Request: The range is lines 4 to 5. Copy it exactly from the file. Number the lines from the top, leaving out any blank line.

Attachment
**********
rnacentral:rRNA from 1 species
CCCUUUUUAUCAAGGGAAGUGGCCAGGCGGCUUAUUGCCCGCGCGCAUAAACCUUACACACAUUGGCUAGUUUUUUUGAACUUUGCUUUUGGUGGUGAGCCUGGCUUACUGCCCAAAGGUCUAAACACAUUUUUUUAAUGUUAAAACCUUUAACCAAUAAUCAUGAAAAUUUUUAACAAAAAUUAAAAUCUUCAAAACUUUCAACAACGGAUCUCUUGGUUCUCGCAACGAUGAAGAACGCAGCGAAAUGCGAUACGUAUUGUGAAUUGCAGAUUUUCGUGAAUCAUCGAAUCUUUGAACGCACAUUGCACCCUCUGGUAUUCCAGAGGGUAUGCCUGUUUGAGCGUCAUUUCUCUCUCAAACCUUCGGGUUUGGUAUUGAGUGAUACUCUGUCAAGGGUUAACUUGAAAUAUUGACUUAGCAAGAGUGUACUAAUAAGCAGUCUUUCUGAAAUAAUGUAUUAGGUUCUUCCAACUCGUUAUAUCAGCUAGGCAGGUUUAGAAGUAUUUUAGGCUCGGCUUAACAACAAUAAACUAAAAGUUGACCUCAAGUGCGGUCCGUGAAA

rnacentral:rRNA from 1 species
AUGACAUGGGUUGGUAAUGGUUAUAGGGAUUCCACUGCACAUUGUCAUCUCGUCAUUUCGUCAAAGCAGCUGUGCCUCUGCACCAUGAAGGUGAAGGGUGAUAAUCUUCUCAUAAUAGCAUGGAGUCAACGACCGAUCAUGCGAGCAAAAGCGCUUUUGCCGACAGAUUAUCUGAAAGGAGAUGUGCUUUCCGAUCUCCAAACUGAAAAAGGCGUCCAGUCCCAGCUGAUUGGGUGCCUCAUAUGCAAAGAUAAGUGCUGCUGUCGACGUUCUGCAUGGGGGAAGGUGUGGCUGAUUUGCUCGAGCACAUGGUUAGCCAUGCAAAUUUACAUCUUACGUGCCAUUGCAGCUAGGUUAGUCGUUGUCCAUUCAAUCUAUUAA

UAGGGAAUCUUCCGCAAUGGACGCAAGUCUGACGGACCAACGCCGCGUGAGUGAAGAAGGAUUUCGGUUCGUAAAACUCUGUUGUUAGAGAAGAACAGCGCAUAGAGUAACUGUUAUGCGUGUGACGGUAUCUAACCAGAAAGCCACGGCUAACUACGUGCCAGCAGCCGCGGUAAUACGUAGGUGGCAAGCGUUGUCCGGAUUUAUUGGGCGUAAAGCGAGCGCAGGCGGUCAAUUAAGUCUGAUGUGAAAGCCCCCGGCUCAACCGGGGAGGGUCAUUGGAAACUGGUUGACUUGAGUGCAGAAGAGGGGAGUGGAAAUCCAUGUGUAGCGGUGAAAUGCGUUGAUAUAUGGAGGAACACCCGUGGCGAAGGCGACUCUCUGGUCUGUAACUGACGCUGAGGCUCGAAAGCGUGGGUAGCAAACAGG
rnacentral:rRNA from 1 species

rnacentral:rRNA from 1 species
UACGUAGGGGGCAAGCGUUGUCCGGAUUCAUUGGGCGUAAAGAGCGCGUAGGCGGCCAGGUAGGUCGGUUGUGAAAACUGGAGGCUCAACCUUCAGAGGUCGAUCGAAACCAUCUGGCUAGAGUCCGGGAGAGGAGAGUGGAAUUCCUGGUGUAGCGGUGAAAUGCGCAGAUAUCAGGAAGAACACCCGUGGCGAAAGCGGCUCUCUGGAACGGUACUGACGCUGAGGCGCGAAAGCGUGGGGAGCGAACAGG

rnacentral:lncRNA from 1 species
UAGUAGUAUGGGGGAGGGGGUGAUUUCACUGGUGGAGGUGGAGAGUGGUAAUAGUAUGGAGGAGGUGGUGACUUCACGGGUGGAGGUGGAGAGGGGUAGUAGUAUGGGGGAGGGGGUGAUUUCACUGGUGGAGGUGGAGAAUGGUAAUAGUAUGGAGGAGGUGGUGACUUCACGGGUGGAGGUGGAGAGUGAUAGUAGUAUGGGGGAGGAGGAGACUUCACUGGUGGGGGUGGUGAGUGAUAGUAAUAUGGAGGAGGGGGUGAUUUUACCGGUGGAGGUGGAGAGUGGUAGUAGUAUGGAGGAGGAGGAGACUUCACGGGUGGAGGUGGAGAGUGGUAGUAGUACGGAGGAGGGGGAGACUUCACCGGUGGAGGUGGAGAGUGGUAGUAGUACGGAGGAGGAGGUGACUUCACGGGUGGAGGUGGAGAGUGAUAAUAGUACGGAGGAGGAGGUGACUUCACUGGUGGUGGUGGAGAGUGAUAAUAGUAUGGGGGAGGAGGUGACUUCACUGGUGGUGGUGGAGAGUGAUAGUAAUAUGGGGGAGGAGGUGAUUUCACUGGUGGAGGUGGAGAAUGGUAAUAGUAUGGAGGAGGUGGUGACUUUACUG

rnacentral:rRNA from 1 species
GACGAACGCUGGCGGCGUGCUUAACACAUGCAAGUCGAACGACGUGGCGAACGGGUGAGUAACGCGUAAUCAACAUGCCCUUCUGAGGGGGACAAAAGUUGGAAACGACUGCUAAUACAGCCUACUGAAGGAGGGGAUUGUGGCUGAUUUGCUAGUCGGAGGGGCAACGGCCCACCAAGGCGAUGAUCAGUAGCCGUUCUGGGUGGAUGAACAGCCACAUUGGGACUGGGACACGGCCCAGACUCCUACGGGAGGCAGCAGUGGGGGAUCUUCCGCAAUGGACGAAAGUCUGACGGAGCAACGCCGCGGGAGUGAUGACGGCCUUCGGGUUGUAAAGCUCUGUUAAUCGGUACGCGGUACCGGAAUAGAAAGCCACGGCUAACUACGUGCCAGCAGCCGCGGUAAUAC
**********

AUGACAUGGGUUGGUAAUGGUUAUAGGGAUUCCACUGCACAUUGUCAUCUCGUCAUUUCGUCAAAGCAGCUGUGCCUCUGCACCAUGAAGGUGAAGGGUGAUAAUCUUCUCAUAAUAGCAUGGAGUCAACGACCGAUCAUGCGAGCAAAAGCGCUUUUGCCGACAGAUUAUCUGAAAGGAGAUGUGCUUUCCGAUCUCCAAACUGAAAAAGGCGUCCAGUCCCAGCUGAUUGGGUGCCUCAUAUGCAAAGAUAAGUGCUGCUGUCGACGUUCUGCAUGGGGGAAGGUGUGGCUGAUUUGCUCGAGCACAUGGUUAGCCAUGCAAAUUUACAUCUUACGUGCCAUUGCAGCUAGGUUAGUCGUUGUCCAUUCAAUCUAUUAA

UAGGGAAUCUUCCGCAAUGGACGCAAGUCUGACGGACCAACGCCGCGUGAGUGAAGAAGGAUUUCGGUUCGUAAAACUCUGUUGUUAGAGAAGAACAGCGCAUAGAGUAACUGUUAUGCGUGUGACGGUAUCUAACCAGAAAGCCACGGCUAACUACGUGCCAGCAGCCGCGGUAAUACGUAGGUGGCAAGCGUUGUCCGGAUUUAUUGGGCGUAAAGCGAGCGCAGGCGGUCAAUUAAGUCUGAUGUGAAAGCCCCCGGCUCAACCGGGGAGGGUCAUUGGAAACUGGUUGACUUGAGUGCAGAAGAGGGGAGUGGAAAUCCAUGUGUAGCGGUGAAAUGCGUUGAUAUAUGGAGGAACACCCGUGGCGAAGGCGACUCUCUGGUCUGUAACUGACGCUGAGGCUCGAAAGCGUGGGUAGCAAACAGG